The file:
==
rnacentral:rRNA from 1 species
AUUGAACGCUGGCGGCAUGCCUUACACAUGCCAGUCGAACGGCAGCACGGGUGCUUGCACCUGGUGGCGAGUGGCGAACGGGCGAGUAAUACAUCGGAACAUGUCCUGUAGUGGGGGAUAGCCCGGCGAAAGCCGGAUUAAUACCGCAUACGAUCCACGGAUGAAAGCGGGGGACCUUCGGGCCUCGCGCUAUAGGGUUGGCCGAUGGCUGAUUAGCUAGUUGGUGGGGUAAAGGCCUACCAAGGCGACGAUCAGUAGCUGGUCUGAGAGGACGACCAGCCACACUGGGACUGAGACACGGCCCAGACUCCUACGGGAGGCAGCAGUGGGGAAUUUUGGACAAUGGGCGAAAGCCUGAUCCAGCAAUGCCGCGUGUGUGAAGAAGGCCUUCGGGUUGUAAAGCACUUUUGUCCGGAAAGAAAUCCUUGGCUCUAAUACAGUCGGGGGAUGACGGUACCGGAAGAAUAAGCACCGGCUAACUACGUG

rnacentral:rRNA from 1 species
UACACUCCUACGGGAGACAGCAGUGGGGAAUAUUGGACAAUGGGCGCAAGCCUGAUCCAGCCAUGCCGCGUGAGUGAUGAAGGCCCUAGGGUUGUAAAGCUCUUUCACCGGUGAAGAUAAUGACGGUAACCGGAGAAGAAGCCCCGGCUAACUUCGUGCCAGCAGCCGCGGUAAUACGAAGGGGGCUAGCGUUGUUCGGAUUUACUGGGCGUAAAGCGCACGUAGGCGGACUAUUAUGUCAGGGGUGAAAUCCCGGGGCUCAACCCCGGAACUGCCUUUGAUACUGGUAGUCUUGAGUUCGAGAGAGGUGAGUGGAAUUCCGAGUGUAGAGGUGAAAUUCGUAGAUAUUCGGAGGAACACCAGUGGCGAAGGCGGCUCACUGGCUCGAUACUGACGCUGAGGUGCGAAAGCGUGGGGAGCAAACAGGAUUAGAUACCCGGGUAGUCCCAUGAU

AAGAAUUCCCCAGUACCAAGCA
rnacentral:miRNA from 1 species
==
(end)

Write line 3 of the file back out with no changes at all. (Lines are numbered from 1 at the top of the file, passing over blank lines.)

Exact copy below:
rnacentral:rRNA from 1 species